- Published on Thursday, 22 December 2011 22:22
By Daniel Perez
Christmas on the border could be considered a mash-up of Western and Mexican traditions from the foods that are eaten to when the gifts are opened. Such traditions are built slowly. Most are cherished and passed down by generations as families grow and blend and share customs.
Part of what makes The University of Texas at El Paso a vibrant center of education is the daily cultural exchanges among faculty, staff and students who bring their personal backgrounds to campus to enrich and enlighten each other.
Three UTEP representatives recently reflected on how the Christmas holiday is celebrated in their country of origin. While there are interesting differences, the similarities remain based in family, food and religion.
Fernando Padula, director of the University Bookstore
Brazilians are a mix of people from many parts of the world, and as a former Portuguese colony, they have many Christmas customs that originate from this heritage, along with some local traditions such as a late afternoon soccer match at the beach as the sun goes down. Remember, winter in the northern hemisphere means summer in the south.
One tradition is to create a nativity scene or Presépio. The word stems from the Hebrew word “presepium,” which means the bed of straw upon which Jesus first slept in Bethlehem. The Presépio is common among Brazil’s northeastern states (Bahia, Sergipe, Rio Grande do Norte, Paraíba, Maranhão, Ceará, Pernambuco, Piauí and Alagoas).
Papai Noel (Santa Claus) is the gift-bringer in Brazil. According to legend, he lives in Greenland. When he arrives in Brazil, he usually wears silk clothing due to the summer heat.
A huge Christmas dinner on December 24th brings the family together. The unusual menu for the hot summertime includes turkey, ham, colored rice, vegetables and fruit dishes. The post-Christmas diet starts early the next morning for some. A dawn patrol surfing session, which is my favorite, or long walks along the beach are among the favorite activities.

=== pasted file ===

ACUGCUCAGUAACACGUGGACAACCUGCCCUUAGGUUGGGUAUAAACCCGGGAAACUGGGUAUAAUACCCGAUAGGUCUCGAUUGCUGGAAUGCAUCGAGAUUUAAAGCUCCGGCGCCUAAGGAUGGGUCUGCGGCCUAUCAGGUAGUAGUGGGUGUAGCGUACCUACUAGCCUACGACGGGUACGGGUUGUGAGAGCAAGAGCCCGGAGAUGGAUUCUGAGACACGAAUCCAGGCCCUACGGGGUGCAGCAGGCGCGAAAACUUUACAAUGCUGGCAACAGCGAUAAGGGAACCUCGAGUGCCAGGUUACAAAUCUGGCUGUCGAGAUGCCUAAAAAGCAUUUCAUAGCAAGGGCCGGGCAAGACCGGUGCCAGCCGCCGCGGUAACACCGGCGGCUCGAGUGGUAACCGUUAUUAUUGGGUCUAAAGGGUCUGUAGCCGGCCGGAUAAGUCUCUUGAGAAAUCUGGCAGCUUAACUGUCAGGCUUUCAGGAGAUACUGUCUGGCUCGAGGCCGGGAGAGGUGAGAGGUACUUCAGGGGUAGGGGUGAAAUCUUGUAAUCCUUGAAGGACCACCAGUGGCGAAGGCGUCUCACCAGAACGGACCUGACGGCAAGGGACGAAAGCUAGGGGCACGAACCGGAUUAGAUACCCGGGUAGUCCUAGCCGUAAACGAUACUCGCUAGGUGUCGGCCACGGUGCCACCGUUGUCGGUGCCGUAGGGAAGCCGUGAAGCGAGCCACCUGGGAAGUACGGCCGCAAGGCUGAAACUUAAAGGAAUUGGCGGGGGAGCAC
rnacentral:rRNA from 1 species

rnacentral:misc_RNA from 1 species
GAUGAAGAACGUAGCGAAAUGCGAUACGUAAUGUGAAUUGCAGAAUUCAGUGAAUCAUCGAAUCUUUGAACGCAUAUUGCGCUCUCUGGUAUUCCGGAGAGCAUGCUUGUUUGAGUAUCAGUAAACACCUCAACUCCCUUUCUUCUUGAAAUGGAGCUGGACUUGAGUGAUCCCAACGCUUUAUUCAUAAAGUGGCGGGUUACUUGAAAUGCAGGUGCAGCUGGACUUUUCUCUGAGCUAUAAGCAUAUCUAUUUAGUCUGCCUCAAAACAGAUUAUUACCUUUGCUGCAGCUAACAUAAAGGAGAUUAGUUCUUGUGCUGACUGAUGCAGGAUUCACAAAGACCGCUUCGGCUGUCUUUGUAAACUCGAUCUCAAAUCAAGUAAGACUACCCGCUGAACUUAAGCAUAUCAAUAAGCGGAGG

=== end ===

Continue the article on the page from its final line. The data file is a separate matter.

Devout Catholics often attend Midnight Mass or Missa do Galo. (A galo is a rooster.) The Mass has this name because the rooster announces the coming day and the Missa do Galo usually finishes at 1 a.m. Christmas morning.
Fotios Kafantaris, doctoral student in geological sciences
The Christmas period is captured in images of family gathering, an overfilled dinner table and an excess of hospitality. It would be awkward if a culture like the Greek, which has strong ties to food and Christianity, would not celebrate Christmastime this way.
On Christmas Eve, children carry music triangles and knock on the door of each and every house as they sing Christmas carols to proclaim the Lord’s birth. The homeowners offer the children, who are accompanied by family members, candies and money.
Families attend Christmas Mass and then gather at a family member’s home to eat. It’s hard to distinguish when lunch ends and dinner begins because eating is the main activity of the day. Relatives and friends, especially those who have no family around, are the special guests of the day.
While the menus can be quite extensive, there is a special dessert that truly represents my country – “melomakarona.” Translated metaphorically, it means ‘’honey-topped spaghetti.’’ It is a thick biscuit made of dough rich in olive oil and pieces of orange and lemon peel, dipped in a honey-based syrup. The housewives make enough melomakarona before Christmas because it is offered throughout the day as a snack, dessert or given as a present.
Natasha Tchoshanova, Russian teacher at Alicia Chacon International School and Mourat Tchoshanov, Ph.D., professor of teacher education
Russians celebrate Christmas on Jan. 7, but they spread out the celebration for two weeks, bookended by New Year’s celebrations.
Although Russia officially adopted the Gregorian calendar in 1918, the Russian Orthodox Church continued to use the Julian calendar that lags 13 days behind. Therefore, the New Year became a holiday that is celebrated twice on Russian calendars: Jan. 1 (New New Year) and Jan. 14 (Old New Year).
For Russians, Jan. 1 is a festive day like Christmas in the western world. The president of Russia usually counts down the final seconds of the outgoing “Old Year” during a national TV and radio broadcast, and then a giant Kremlin tower clock chimes in the New Year. A New Year’s (Christmas) tree, called Novogodnaya Yolka, is in each home usually topped with a shining star. Traditional foods include Russian salad, Champagne and Mandarin oranges.
Grandfather Frost (the Russian Santa Claus) and his granddaughter, Snowmaiden, give candy and small gifts to children who sing songs and recite poetry.
The holiday is interesting because it combines circular traditions of meeting the New Year with the Christian Orthodox Christmastide customs. It is very convenient: following the circular traditions, on the Old New Year’s Eve TV broadcasts once again all the New Year’s programs, concerts and films, and one does not need to buy another fir tree – the old one will do fine.
The most popular customs of Christmastide, which coincides with the Old New Year, are fortune telling and kolyadki (carol-singing). Divination is special on the Old New Year’s Eve. Almost everybody did it in the olden days. The elderly were curious about life, young people wanted to know about their love interests, mothers were interested in the health and fortune of their children, and thrifty managers inquired about business success.